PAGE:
In fact, it is Giles who falsifies the history and the facts. It has been proven that the Waffen-SS Galicia Division, which Hunka voluntarily joined in 1943 at the age of 18, was directly involved in at least three massacres—in Pidkamin, Huta-Pieniacka and Palikrowy. In Huta-Pieniacka, the 4th Battalion of the SS Division “Galicia” murdered all Polish inhabitants on 28 February 1944—estimates of the number of victims range from 500 to 1,200—and burned down the entire village.
The SS Division “Galicia” was also deployed in Yugoslavia and on the front against the Red Army, where the Wehrmacht committed countless war crimes.
Hunka’s personal biography leaves no doubt that he deliberately joined a gang of murderers. Eastern Galicia, where Hunka grew up, was a focus of the Nazi genocide. Of the 540,000 Jews who lived there when the Nazis invaded, only two to three percent survived. About one in eleven victims of the Holocaust came from this region, which is only half the size of present-day Hungary.
Eastern Galicia belonged to Austria-Hungary before the First World War and then to Poland. After the German invasion of Poland, it was occupied by the Soviet Union. Today it is part of Ukraine.
In 1941, the Nazis invaded and incorporated Eastern Galicia into the “Generalgouvernement,” where they perpetrated their worst crimes. This is where they set up the mass extermination camps. Around 3 million Jews and 3 million Poles fell victim to Nazi terror in the General Government alone.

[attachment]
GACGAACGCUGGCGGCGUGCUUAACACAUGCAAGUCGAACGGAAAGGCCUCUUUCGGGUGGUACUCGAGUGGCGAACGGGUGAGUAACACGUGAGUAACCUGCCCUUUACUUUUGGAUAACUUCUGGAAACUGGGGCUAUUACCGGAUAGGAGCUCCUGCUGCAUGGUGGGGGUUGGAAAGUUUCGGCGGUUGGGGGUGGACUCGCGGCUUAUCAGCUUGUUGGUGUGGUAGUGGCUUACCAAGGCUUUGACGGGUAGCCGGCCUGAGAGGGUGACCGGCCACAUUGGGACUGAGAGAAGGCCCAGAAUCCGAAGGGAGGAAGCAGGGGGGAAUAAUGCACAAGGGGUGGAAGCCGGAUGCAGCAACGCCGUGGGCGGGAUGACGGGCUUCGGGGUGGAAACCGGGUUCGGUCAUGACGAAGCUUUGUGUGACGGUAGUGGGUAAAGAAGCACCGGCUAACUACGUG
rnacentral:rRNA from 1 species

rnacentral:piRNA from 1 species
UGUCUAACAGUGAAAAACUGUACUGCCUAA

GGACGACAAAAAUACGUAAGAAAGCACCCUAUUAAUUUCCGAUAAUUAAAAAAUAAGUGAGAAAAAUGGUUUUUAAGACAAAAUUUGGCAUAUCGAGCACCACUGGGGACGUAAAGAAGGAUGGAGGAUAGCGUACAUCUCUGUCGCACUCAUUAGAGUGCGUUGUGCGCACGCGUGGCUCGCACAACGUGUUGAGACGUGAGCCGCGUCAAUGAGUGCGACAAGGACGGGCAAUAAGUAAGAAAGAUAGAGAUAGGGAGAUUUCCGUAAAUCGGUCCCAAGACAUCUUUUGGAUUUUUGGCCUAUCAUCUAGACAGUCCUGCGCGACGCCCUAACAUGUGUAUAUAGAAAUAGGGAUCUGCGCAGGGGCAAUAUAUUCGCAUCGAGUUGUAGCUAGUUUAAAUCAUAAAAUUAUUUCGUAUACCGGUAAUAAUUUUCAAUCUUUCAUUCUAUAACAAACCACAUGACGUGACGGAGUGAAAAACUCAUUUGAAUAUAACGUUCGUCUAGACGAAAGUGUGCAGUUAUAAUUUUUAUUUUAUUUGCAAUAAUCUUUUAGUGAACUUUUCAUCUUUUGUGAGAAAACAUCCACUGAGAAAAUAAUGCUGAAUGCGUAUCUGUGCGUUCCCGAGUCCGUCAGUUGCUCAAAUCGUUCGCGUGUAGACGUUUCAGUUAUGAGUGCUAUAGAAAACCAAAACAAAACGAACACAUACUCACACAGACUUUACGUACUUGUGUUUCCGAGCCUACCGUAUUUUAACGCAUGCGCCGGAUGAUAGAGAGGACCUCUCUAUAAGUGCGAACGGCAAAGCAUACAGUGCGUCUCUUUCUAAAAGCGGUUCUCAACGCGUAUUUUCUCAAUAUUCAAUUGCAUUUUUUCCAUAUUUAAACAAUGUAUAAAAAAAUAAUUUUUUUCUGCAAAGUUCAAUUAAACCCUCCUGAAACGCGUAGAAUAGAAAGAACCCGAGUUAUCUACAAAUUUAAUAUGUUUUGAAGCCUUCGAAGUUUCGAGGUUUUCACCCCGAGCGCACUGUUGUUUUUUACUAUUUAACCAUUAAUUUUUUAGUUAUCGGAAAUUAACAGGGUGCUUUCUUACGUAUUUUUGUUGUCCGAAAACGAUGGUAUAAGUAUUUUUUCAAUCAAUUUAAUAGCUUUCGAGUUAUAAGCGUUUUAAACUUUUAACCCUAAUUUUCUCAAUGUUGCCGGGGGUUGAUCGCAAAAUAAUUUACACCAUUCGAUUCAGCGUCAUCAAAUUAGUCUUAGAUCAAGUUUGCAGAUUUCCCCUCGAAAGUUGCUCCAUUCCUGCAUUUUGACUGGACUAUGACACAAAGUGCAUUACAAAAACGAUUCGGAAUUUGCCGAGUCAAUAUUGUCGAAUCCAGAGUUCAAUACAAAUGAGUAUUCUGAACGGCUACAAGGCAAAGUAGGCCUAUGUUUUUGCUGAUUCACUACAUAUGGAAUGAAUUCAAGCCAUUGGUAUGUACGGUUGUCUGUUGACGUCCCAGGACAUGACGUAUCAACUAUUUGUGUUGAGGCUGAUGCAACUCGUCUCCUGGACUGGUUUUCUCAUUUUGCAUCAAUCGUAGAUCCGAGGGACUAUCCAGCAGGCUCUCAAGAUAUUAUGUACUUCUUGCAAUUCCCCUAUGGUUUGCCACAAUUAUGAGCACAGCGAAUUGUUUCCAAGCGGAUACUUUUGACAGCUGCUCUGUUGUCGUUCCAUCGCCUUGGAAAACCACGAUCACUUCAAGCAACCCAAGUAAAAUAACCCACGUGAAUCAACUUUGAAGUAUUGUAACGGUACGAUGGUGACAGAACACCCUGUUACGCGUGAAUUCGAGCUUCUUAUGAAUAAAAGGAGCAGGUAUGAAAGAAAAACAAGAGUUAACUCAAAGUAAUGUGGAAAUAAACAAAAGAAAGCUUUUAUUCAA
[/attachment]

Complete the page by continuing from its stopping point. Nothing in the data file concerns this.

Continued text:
In Eastern Galicia, mass shootings of Jewish men, women and children began immediately after the German invasion. The extermination of the Jews lasted over two years. Some 200,000 were deported to Belzec and murdered there. In 1943, the ghettos were dissolved and the remaining Jews shot.
The Nazis were able to count on the support of the Organization of Ukrainian Nationalists (OUN). Both the wing led by Stepan Bandera and the wing led by Andriy Melnyk collaborated with them. Most of the volunteers were recruited from the Melnyk wing for the Waffen-SS division “Galicia,” which was formed in 1943 and was joined by Hunka.
It is impossible that Hunka, who attended school in the small town of Berezhany from 1939 to 1943, was unaware of the Nazis’ terror. In Berezhany, where about 4,000 Jews still lived when the Nazis invaded, hundreds of Jews were rounded up in public squares in the autumn of 1941 and September of 1942 and herded into railway cars for deportation in front of the local population. In 1943, SS guards killed 1,180 Jews in a three-day operation at the local cemetery, around the same time as Hunka entered the Waffen-SS.
Hunka later described the years 1941 to 1943, during which the German occupiers went on a rampage in Galicia, as the happiest of his life, in which he enjoyed “the company of charming girls, carefree cheerful friends, fragrant evenings in the luxurious castle park and walks through the city.” That alone defines him as a ruthless anti-Semite and war criminal.
His rehabilitation by Politico, an established bourgeois newspaper owned by one of Germany’s most influential publishing houses, must be taken as an alarm signal. It underscores that the threat of war and dictatorship does not just come from the far-right, but from the entire ruling class. The war against Russia in Ukraine, which is supported by all representatives of the ruling class, is linked to the strengthening of the most reactionary political forces. It must be stopped.